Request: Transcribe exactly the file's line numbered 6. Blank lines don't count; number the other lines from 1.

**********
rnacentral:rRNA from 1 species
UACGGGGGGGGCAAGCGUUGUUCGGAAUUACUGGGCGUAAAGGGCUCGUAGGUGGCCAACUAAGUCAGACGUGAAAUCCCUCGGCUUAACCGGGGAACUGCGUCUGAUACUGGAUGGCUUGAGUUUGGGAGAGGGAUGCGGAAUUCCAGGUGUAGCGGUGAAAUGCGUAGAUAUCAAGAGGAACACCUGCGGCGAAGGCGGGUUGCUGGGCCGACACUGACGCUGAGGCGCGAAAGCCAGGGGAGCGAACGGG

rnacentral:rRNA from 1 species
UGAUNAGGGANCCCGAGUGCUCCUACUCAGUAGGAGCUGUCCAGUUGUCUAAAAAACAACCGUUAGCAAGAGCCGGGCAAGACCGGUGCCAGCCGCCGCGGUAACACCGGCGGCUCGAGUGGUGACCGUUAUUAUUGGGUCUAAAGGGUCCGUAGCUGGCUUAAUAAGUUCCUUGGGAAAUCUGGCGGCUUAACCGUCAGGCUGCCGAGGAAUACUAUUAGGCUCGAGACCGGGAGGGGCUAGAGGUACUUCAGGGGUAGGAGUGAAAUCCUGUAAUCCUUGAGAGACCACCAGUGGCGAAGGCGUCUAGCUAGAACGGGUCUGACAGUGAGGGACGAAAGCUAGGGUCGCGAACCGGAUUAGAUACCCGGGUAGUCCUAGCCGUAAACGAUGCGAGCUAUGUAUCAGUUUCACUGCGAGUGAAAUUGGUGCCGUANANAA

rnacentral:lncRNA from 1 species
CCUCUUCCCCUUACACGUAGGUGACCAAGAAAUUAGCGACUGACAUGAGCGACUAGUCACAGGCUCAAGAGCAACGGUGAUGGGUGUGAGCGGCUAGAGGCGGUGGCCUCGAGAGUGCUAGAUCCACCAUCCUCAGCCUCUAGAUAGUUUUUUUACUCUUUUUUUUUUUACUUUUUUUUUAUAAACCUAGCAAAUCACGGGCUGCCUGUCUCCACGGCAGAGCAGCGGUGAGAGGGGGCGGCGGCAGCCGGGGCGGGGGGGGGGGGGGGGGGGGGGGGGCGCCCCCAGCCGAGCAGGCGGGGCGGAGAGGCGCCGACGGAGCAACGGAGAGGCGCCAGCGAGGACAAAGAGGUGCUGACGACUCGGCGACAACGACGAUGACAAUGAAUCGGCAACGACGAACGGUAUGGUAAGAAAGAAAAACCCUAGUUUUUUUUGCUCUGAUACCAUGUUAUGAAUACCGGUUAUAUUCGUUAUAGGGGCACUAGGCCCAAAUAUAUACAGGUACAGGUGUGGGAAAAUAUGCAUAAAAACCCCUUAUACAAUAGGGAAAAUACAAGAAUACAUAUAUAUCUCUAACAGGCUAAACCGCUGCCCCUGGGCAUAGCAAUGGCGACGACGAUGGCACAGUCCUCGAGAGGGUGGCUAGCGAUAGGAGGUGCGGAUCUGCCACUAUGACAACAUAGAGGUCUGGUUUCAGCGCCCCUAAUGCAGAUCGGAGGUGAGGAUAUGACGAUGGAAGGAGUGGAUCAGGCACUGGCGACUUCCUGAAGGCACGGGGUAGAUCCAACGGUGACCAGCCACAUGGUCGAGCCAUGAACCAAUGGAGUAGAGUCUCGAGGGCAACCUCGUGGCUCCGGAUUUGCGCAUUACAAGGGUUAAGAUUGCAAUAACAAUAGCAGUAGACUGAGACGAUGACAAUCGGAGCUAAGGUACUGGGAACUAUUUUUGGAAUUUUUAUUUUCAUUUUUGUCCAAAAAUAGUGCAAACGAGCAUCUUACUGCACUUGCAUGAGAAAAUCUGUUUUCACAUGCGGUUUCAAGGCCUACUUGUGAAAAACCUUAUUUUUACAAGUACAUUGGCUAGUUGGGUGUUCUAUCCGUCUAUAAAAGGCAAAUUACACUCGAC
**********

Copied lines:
CCUCUUCCCCUUACACGUAGGUGACCAAGAAAUUAGCGACUGACAUGAGCGACUAGUCACAGGCUCAAGAGCAACGGUGAUGGGUGUGAGCGGCUAGAGGCGGUGGCCUCGAGAGUGCUAGAUCCACCAUCCUCAGCCUCUAGAUAGUUUUUUUACUCUUUUUUUUUUUACUUUUUUUUUAUAAACCUAGCAAAUCACGGGCUGCCUGUCUCCACGGCAGAGCAGCGGUGAGAGGGGGCGGCGGCAGCCGGGGCGGGGGGGGGGGGGGGGGGGGGGGGGCGCCCCCAGCCGAGCAGGCGGGGCGGAGAGGCGCCGACGGAGCAACGGAGAGGCGCCAGCGAGGACAAAGAGGUGCUGACGACUCGGCGACAACGACGAUGACAAUGAAUCGGCAACGACGAACGGUAUGGUAAGAAAGAAAAACCCUAGUUUUUUUUGCUCUGAUACCAUGUUAUGAAUACCGGUUAUAUUCGUUAUAGGGGCACUAGGCCCAAAUAUAUACAGGUACAGGUGUGGGAAAAUAUGCAUAAAAACCCCUUAUACAAUAGGGAAAAUACAAGAAUACAUAUAUAUCUCUAACAGGCUAAACCGCUGCCCCUGGGCAUAGCAAUGGCGACGACGAUGGCACAGUCCUCGAGAGGGUGGCUAGCGAUAGGAGGUGCGGAUCUGCCACUAUGACAACAUAGAGGUCUGGUUUCAGCGCCCCUAAUGCAGAUCGGAGGUGAGGAUAUGACGAUGGAAGGAGUGGAUCAGGCACUGGCGACUUCCUGAAGGCACGGGGUAGAUCCAACGGUGACCAGCCACAUGGUCGAGCCAUGAACCAAUGGAGUAGAGUCUCGAGGGCAACCUCGUGGCUCCGGAUUUGCGCAUUACAAGGGUUAAGAUUGCAAUAACAAUAGCAGUAGACUGAGACGAUGACAAUCGGAGCUAAGGUACUGGGAACUAUUUUUGGAAUUUUUAUUUUCAUUUUUGUCCAAAAAUAGUGCAAACGAGCAUCUUACUGCACUUGCAUGAGAAAAUCUGUUUUCACAUGCGGUUUCAAGGCCUACUUGUGAAAAACCUUAUUUUUACAAGUACAUUGGCUAGUUGGGUGUUCUAUCCGUCUAUAAAAGGCAAAUUACACUCGAC